There was also real concern about the quality of food, notably in towns and the increasing dependence of many on manufactured foods and products which had been seriously adulterated and even poisonous.  Put G.K Chesterton’s “The Grocers Song” into search and enjoy the serious humour.

Over the next decades there was a drive to put “Domestic Science” into schools to ensure that the basics of nutrition, food preparation and household management were taught to all girls and in quite a number to boys as well.  The catering trade was still a real form of employment for many men.  Note in the picture above the post of cuts of meat on the wall.

There were some first class colleges both for teaching and institutional management not only demanding good qualifications but also with broad curricula covering social work as part of the course and food chemistry.  The DS teacher by the 1950’s was not just a practising cook but had a broad background for their work.

By the 1980’s all this was being swept away as we went into a new age of eating and living.  The way we eat, the way families eat, what we eat and how it is made and marketing have been transformed.  This has occurred when many of us now have a much less active lifestyle.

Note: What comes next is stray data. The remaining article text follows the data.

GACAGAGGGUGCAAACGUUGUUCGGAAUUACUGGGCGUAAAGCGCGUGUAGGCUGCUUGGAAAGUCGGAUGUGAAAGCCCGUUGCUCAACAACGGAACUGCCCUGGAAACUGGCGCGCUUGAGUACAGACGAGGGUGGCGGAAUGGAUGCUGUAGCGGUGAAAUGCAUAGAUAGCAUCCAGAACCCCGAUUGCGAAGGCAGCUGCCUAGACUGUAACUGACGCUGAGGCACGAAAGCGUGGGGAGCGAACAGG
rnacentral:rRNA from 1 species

So we have a population with many children who are overweight, have health problems that may shorten life and are physically not much use in terms of both capability and experience.  Also, there are now two generations who have limited experience of natural tastes or textures in food.

It is very difficult to see how it can be changed in the short term, if at all.  In our area there are no shops where local produce can be found, if you want it you have to drive out to the few places where it is available.  There are delivery firms which specialise in particular foods but this is not cheap, you will pay more.

Moreover, traditional cooking and eating takes time, a degree of effort but critically knowing how to do it and being able to accept the complications and the uncertainties that home cooking presents.  There is also the need to manage and make use of other things, like making chicken stock and then using it.